The city council of Gilroy, California, which had already once approved a lawsuit against a local marijuana dispensary in a closed session, has done so a second time, this time by a 4-3 vote in open session, reports Jonathan Partridge at the Gilroy Dispatch.
The closed session vote on Nov. 16 resulted in Superior Court Judge Kevin Murphy on Dec. 15 turning down the city’s request for a preliminary injunction to close MediLeaf dispensary pending a trial. Judge Murphy in part based his action on accusations from the dispensary’s owners that the city had violated the Brown Act, which mandates open meetings.
Andy Faber, who represents the City of Gilroy in its suit against MediLeaf, claimed he still doesn’t believe the city violated public meeting laws. Faber said it would be helpful, though, for the city’s case if the council voted on the resolution in open sessionb.
“We have a judge saying that he’s concerned about it, so we’re concerned,” Faber said.
|Photo: City of Gilroy
|Gilroy Council Member Perry Woodward
Councilman Perry Woodward, who boycotted the closed session along with councilmen Peter Arellano and Craig Gartman because the three believed zoning and licensing matters should be discussed publicly, said he wanted a summary of what had been discussed in the closed session.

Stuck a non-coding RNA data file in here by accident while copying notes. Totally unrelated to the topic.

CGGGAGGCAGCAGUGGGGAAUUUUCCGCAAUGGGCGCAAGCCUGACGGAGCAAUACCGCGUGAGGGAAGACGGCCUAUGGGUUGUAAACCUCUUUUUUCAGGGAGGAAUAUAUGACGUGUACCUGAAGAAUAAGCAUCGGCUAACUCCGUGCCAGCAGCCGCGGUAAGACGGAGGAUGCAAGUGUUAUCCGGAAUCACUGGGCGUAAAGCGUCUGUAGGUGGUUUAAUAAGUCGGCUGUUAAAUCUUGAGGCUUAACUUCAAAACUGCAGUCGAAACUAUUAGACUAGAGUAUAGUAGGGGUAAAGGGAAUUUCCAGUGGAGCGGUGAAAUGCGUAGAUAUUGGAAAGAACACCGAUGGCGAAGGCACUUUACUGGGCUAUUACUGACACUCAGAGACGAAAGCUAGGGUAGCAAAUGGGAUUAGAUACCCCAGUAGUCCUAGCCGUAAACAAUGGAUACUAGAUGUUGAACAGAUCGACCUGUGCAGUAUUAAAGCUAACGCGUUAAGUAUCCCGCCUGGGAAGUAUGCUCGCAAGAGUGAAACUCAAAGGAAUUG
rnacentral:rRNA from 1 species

Woodward also asked how much money Berliner-Cohen, the city’s legal firm, planned on spending on the case. Gartman and Arellano joined Woodward in voting against the resolution, expressing concern about the cost of legal fees.
“We ought to be concerned about this,” Woodward said, referencing the city’s tight budget. “We’re closing down fire stations, for goodness’ sakes.”
Gartman expressed concern that MediLeaf had not received due process from the city. The dispensary wasn’t allowed to even apply for a conditional use permit.
The council voted 6-1, with Arellano dissenting, to vote on a outright dispensary ban at its Jan. 11 meeting. Arellano said after the meeting that his “no” vote was based on his belief that dispensaries should be allowed.
“I feel strongly that we should have medical marijuana available,” he said.
An ordinance that bans dispensaries wouldn’t help the city in its case against MediLeaf, but could bar other dispensaries from opening in the future.
“I don’t understand why the citizens of Gilroy are so upset and would like MediLeaf out of our community,” said local blogger Tobi Whaley
. “I would much rather have people going to get their marijuana legally from a local dispensary than from some gang bangers in Christmas Hill Park.”